The problem, we know, isn’t just that our kids are hooked on phones. We are too! If we want to be happy, then we need to get off our phones! Adults spend, on average, 9 hours and 22 minutes a day in front of screens.11 “Yes, but so much of that is for work,” we quickly say in defense. Yet, studies show 8 of the 9 hours were for personal use.12 “Yes, but you don’t know my job,” we say emphatically. The study, however, included a wide range of socioeconomic fields and types of jobs. Yet, the most troubling finding is undoubtedly this: “Perhaps even more surprising is that 78 percent of parents surveyed believe they are good role models for how to use digital technology.”13 We’re the frog in the kettle, enchanted by the technological luxuries of the kettle, getting cooked! Something other than Christ has taken center stage in our lives, and our first (and best) step is repentance; the second always follows: faith in Christ!
Practical Guidelines for Technology and The Home
How do we then put tech in its proper place in all of our lives so that it is improving, not impeding, our love for God and people expressed in our daily lives? Here are some suggestions. These are not Biblical commandments, which means these are guilt-free. If you have a system that is rocking and rolling for you, then praise God. If not, then here are some things that might help:
When should I allow my child to have a phone? Never. OK, I’m kidding, somewhat. My children are almost 13, almost 12, and almost certainly not ready to have a phone. Yes, they moan and groan, “Dad, I’m the only one in my entire class that doesn’t have a phone.” I usually respond, “Great. You’re unique. Dr. Seuss was right, ‘Why fit in when you were born to stand out.’” It says something that Bill Gates, the man, the myth, the legend behind the entire tech industry, didn’t allow his own children to have a phone until age 14.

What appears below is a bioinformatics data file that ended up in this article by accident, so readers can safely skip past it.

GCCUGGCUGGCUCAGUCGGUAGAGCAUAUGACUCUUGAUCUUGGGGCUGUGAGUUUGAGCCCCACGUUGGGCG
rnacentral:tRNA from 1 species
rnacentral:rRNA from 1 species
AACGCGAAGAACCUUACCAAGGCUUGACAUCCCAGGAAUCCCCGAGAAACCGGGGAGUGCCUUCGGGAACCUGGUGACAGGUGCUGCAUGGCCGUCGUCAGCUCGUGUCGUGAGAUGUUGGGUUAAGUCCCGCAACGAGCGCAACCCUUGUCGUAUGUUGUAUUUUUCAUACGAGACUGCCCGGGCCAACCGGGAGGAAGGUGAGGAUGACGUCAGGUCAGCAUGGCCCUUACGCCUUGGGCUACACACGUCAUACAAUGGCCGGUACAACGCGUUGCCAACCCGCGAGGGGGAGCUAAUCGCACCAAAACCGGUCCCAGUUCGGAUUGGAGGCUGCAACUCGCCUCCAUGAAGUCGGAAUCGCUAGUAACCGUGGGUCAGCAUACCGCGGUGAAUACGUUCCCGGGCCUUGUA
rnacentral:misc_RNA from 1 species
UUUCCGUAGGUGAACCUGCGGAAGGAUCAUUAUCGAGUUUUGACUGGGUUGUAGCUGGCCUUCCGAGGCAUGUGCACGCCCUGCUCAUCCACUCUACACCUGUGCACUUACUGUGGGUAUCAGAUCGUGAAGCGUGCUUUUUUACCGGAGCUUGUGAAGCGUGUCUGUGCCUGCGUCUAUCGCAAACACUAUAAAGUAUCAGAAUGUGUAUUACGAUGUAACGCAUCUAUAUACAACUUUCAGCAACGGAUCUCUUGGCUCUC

Several friends I respect who are trying to help their children flourish in the middle school years as followers of Jesus chose to give their children flip phones. “Mom and Dad, this is is social suicide,” responded one child. Maybe, but social suicide is so much better than the alternative. “Research has found that an eighth-grader’s risk for depression jumps 27 percent when he or she frequently uses social media. Kids who use their phones for at least three hours a day are much more likely to be suicidal. And recent research has found the teen suicide rate in the U.S. now eclipses the homicide rate, with smartphones as the driving force.”14 Bullying, sexual exploitation, pornography, addiction, anxiety, loss of relational skills, abysmal communication skills–all these wonders and more are available for just 49 dollars a month with unlimited data, text, and talk plan. And we consider this a bargain?
Yes, but what age should I allow my child to have a phone? There is no magical age, but here is a guideline: you’re child is ready for a phone when you are ready to monitor it AND when your child is wise enough and courageous enough to use the phone to love God and people. In other words, two people–you and your child–need to be mature enough, wise enough, and courageous enough to evaluate whether or not the phone is helping your child fulfill God’s purpose for their life. So let’s begin with you. First, as a parent, you must be ready and able to monitor the phone entrusted to your child to ensure that it will help them love God and people, which we will look at next week. Would you ever allow your eleven year old child to use a chainsaw without oversight? Yet, we give them something so much more powerful and so much more dangerous, often without any oversight at all. “Today we are handing our children power tools and then acting shocked when they cut off their hands,” laments author Tim Challies.15 Second, understanding that each child matures differently, you must assess the level of wisdom and courage in your child to determine whether a phone will improve or impede their ability to love God and people. R.J. Palacio, in her wonderful novel Wonder, muses, “It’s funny how there’s a word like overprotective to describe some parents, but no word that means the opposite. What word do you use to describe parents who don’t protect enough? Underprotective? Neglectful? Self-involved? Lame? All of the above.”16